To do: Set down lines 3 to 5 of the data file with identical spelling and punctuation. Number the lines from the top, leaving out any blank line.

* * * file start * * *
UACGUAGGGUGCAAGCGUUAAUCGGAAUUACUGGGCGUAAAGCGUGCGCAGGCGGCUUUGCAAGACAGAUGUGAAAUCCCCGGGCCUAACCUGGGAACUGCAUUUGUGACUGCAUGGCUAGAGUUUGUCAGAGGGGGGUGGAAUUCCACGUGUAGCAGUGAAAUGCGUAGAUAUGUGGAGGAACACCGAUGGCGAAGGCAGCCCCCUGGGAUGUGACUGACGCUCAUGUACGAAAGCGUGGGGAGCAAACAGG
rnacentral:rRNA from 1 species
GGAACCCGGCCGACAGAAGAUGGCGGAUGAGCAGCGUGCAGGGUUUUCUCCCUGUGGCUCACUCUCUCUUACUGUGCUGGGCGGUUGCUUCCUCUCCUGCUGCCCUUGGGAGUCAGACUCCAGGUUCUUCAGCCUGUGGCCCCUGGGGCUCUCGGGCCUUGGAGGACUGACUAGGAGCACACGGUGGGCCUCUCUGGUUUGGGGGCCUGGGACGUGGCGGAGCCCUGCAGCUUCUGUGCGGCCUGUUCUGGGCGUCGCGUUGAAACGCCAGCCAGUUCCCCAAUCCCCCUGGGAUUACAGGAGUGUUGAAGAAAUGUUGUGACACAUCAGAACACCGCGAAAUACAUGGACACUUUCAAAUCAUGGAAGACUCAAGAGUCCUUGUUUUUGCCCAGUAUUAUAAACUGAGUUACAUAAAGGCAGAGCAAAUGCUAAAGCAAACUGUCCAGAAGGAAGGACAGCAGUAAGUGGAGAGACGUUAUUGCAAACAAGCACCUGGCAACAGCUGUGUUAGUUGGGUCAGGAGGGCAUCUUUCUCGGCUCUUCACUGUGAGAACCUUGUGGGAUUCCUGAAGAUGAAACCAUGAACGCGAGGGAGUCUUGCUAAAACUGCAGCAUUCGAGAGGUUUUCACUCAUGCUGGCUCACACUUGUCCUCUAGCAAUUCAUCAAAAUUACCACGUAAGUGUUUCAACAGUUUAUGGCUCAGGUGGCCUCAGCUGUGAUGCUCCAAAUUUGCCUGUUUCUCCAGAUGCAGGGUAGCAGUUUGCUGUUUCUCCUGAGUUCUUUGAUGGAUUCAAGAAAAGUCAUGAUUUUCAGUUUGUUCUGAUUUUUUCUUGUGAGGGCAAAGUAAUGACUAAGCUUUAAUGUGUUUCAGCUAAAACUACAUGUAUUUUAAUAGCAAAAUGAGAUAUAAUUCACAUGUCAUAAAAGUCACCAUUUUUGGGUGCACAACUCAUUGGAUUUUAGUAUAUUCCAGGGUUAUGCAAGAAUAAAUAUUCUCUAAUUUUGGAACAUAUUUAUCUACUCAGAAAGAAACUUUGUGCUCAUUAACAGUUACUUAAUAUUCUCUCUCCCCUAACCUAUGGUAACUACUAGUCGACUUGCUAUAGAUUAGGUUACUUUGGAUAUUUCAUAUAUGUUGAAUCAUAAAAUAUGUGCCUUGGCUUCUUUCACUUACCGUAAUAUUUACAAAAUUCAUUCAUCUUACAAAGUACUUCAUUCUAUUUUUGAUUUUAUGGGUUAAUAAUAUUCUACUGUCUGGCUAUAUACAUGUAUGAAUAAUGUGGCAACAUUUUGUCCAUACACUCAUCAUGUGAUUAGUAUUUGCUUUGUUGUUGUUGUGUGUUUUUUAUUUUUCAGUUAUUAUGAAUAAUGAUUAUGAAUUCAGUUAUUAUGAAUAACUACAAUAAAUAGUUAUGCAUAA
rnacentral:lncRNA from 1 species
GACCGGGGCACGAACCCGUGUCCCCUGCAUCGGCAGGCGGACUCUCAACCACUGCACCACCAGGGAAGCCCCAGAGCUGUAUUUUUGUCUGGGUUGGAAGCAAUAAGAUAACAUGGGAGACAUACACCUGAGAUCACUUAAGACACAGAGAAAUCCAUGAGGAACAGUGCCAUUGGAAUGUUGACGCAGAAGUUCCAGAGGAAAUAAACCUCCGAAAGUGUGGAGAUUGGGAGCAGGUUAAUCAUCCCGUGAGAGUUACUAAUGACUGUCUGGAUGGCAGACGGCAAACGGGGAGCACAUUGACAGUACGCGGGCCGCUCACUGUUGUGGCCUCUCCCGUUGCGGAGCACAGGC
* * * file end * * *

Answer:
GGAACCCGGCCGACAGAAGAUGGCGGAUGAGCAGCGUGCAGGGUUUUCUCCCUGUGGCUCACUCUCUCUUACUGUGCUGGGCGGUUGCUUCCUCUCCUGCUGCCCUUGGGAGUCAGACUCCAGGUUCUUCAGCCUGUGGCCCCUGGGGCUCUCGGGCCUUGGAGGACUGACUAGGAGCACACGGUGGGCCUCUCUGGUUUGGGGGCCUGGGACGUGGCGGAGCCCUGCAGCUUCUGUGCGGCCUGUUCUGGGCGUCGCGUUGAAACGCCAGCCAGUUCCCCAAUCCCCCUGGGAUUACAGGAGUGUUGAAGAAAUGUUGUGACACAUCAGAACACCGCGAAAUACAUGGACACUUUCAAAUCAUGGAAGACUCAAGAGUCCUUGUUUUUGCCCAGUAUUAUAAACUGAGUUACAUAAAGGCAGAGCAAAUGCUAAAGCAAACUGUCCAGAAGGAAGGACAGCAGUAAGUGGAGAGACGUUAUUGCAAACAAGCACCUGGCAACAGCUGUGUUAGUUGGGUCAGGAGGGCAUCUUUCUCGGCUCUUCACUGUGAGAACCUUGUGGGAUUCCUGAAGAUGAAACCAUGAACGCGAGGGAGUCUUGCUAAAACUGCAGCAUUCGAGAGGUUUUCACUCAUGCUGGCUCACACUUGUCCUCUAGCAAUUCAUCAAAAUUACCACGUAAGUGUUUCAACAGUUUAUGGCUCAGGUGGCCUCAGCUGUGAUGCUCCAAAUUUGCCUGUUUCUCCAGAUGCAGGGUAGCAGUUUGCUGUUUCUCCUGAGUUCUUUGAUGGAUUCAAGAAAAGUCAUGAUUUUCAGUUUGUUCUGAUUUUUUCUUGUGAGGGCAAAGUAAUGACUAAGCUUUAAUGUGUUUCAGCUAAAACUACAUGUAUUUUAAUAGCAAAAUGAGAUAUAAUUCACAUGUCAUAAAAGUCACCAUUUUUGGGUGCACAACUCAUUGGAUUUUAGUAUAUUCCAGGGUUAUGCAAGAAUAAAUAUUCUCUAAUUUUGGAACAUAUUUAUCUACUCAGAAAGAAACUUUGUGCUCAUUAACAGUUACUUAAUAUUCUCUCUCCCCUAACCUAUGGUAACUACUAGUCGACUUGCUAUAGAUUAGGUUACUUUGGAUAUUUCAUAUAUGUUGAAUCAUAAAAUAUGUGCCUUGGCUUCUUUCACUUACCGUAAUAUUUACAAAAUUCAUUCAUCUUACAAAGUACUUCAUUCUAUUUUUGAUUUUAUGGGUUAAUAAUAUUCUACUGUCUGGCUAUAUACAUGUAUGAAUAAUGUGGCAACAUUUUGUCCAUACACUCAUCAUGUGAUUAGUAUUUGCUUUGUUGUUGUUGUGUGUUUUUUAUUUUUCAGUUAUUAUGAAUAAUGAUUAUGAAUUCAGUUAUUAUGAAUAACUACAAUAAAUAGUUAUGCAUAA
rnacentral:lncRNA from 1 species
GACCGGGGCACGAACCCGUGUCCCCUGCAUCGGCAGGCGGACUCUCAACCACUGCACCACCAGGGAAGCCCCAGAGCUGUAUUUUUGUCUGGGUUGGAAGCAAUAAGAUAACAUGGGAGACAUACACCUGAGAUCACUUAAGACACAGAGAAAUCCAUGAGGAACAGUGCCAUUGGAAUGUUGACGCAGAAGUUCCAGAGGAAAUAAACCUCCGAAAGUGUGGAGAUUGGGAGCAGGUUAAUCAUCCCGUGAGAGUUACUAAUGACUGUCUGGAUGGCAGACGGCAAACGGGGAGCACAUUGACAGUACGCGGGCCGCUCACUGUUGUGGCCUCUCCCGUUGCGGAGCACAGGC